Patient records without treatment data? I find that very odd; ask yourself why such data was not presented or was it simply redacted to obtain acceptance for publication?

    Tables 2-4 provide the data on which the study concludes that high mid-life cholesterol is associated with AD. However, if the row titles are replaced with guideline recommended treatment (which was not available), neither the numbers nor the statistics change but a very different interpretation can be made.

    Returning to the original Table 2 cited above, the following analysis can be performed:

    Table Showing 2 x 2 analysis (CSS) for combined AD and VaD and assuming TC values above 239 mg/dl as treated with statins. Given the official guidelines and the American paranoia regarding cholesterol this is almost certain. Added after submission to BMJ but covered in appended *pdf files in email correspondence

    Cholesterol categories No dementia %age AD + VaD %age TOTAL %age

    NO TREAT (239 mg/dl) 2932 50.31 215 3.69 3147 54.00

    Totals 5477 93.98 351 6.02 5828 100
    χ2= 7.92 p= 0.0049 i.e those patients with cholesterol level >239 mg/dl (>6 mmol/L), (and that would be treated with cholesterol lowering drugs, possibly for decades) are more likely to become demented (Alzheimer plus vascular dementia)!
    V2 = 7.91 p= 0.0049
    Phi2 = p = 0.0014

    After all the vast majority of statin takers (80-90% or 99% according to some) do not suffer adverse reactions so would continue to take them for 2-3 decades.

    This raises questions regarding the absence of subsequent cholesterol levels and therapeutic treatment during that 2-3 decades. Why was this data left out? Was it because Kaiser Permanente has to negotiate with Big Pharma on drug prices? Was it because Big Pharma would not be pleased at any association of statins with AD? The current controversy suggest that they would not.

    The most interesting aspect of Solomon’s report is that many major UK NHS Trusts probably have sufficient data over the last couple of decades to repeat Solomon’s study.

    Will it be done? I suspect not – too much money and statuses at stake!

    • Hi Mike – many thanks for sharing this here. You’re probably right on the rationale for non publication. You clearly know lots about this area. Maybe the statinators are even less prepared to admit mind problems than they are body problems. The idea that statins (the taking of which has increased dramatically) could be related to dementia/Alzheimer’s (the incidence of which has increased dramatically) must surely not be made!
      Best wishes – Zoe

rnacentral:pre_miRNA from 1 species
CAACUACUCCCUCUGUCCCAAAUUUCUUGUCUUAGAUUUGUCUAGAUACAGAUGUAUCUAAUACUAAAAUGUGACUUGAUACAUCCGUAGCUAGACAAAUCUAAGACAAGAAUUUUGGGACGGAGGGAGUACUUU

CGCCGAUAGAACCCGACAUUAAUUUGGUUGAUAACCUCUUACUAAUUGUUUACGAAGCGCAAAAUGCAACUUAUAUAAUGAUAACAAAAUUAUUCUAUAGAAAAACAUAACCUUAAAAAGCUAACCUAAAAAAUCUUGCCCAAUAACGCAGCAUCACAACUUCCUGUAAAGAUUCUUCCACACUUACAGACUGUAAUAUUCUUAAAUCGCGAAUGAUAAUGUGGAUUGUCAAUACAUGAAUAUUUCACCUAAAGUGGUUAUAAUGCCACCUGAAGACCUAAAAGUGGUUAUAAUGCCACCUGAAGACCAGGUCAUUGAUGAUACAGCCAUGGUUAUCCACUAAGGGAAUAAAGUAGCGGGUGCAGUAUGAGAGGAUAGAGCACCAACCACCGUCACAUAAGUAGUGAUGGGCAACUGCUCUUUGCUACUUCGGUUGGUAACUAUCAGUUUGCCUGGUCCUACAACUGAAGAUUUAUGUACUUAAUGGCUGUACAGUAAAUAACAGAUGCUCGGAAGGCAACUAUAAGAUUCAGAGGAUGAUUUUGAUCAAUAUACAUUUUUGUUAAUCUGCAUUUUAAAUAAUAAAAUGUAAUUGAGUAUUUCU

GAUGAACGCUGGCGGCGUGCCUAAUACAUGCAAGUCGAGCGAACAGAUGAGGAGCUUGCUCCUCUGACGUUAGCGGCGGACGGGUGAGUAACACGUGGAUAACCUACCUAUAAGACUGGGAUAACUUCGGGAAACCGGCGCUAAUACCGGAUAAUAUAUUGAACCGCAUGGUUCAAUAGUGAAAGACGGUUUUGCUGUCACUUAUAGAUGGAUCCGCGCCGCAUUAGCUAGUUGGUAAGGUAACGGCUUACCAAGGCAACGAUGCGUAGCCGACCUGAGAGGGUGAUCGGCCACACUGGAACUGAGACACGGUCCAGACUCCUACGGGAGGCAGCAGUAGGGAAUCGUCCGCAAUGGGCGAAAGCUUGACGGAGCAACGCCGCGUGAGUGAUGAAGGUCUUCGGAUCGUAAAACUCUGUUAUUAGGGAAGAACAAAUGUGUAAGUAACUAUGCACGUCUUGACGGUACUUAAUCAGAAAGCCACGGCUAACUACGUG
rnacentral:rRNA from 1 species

• I’m wondering about Jane’s reported drop in cholesterol level from 6 to 3.4: is that good news, or a signal to really find out a bit more?

    • Hi Peter – cholesterol is always only ever a marker – or your word – a signal. I wouldn’t worry much
      1) because the test is so inaccurate
      2) because we don’t even know what we’re measuring 1 equation, 4 unknowns, 2 can be measured (inaccurately) = a whole lot of not much
      3) because the higher reading could have been at the end of the winter and the lower reading after sunshine? Would just reflect vit D had been made
      4) because the body makes what it needs so was the 6 at a time of injury/stress/illness – is the 3.4 not?
      5) because one could have been a fasting reading and the other not?
      There are so many factors – it can be of interest but there are many things that get in the way. I would so much rather docs ditched testing for this and spend 30 secs asking people what they eat! Can tell a lot more about how healthy they are likely to be :-)
      Best wishes – Zoe

  • Had a health check today. They wanted to test my cholesterol levels and I told them that even if it was high I wouldn’t take a statin. When I last had my cholesterol tested several years ago it was around 6. Today my level was 3.4. The only thing I do differently now is eat The Harcombe diet way and have lost 18lbs and kept it off. I can therefore only conclude that eating a higher fat lower carb diet has reduced my cholesterol.

  • Hi, I watched them both from here. I thought the presenter was outstanding – a model of clarity. The programmes were excellent compared to what we now get. Sugar v fat, for example.
    It’s possible to stop the way back machine form recording web pages, but once it has them, they are there for eternity, or perhaps not. It will be useful to know.

    • Now 27th April 2016. The programmes can no longer be accessed via this link.

  • Hi Zoe,

    Thanks for your article. You might remember in the Catalyst Part 2 episode on statins that Maryanne concluded her presentation with these words…

    “Until the science of clinical trials can break free from commercial interest, then decisions about our health rest in the hands of big business.”

    You might be interested in a report that was recently presented to the U.K ‘House of Commons-Committee of Public Accounts’ regarding access to clinical trial information. It’s informative reading & a link to the report is below.

    Report – Access to Clinical Trial Information;

    Thanks again for your article.

  • This is excellent Zoe. I don’t think this clumsy censorship will help sell statins in the long run. Imagine how useful drugs could be if they weren’t overprescribed to take in as much money as possible. Is there any drug, other than vaccines, that really works for primary prevention?
    I have linked to this post, Dr Malhotra’s Independent interview, and Uffe Ravnskov’s analysis of the Catalyst complaints here:

    Uffe quotes this draw-dropping statement from one of the complaints – “It was mentioned that those molecules which contain long chains of single carbon bonds are more stable than those containing numerous double bonded carbon groups. Students doing high-school chemistry will be able to tell you the fault in this statement.”
    ‘Nuff said.

  • I love you! Keep the information highway clear of misconceptions!

  • The Catalyst videos are still available on Dr Eades’s Vimeo channel:


    I also downloaded them back then in case they were pulled, but not willing to put them on a public youtube as I don’t want my account suspended for copyright or whatever.

    Plus, I kept a copy of the transcript here:


    • Many thanks for this Ash – hopefully it will be difficult to censor the internet! It’s just pretty evil to try…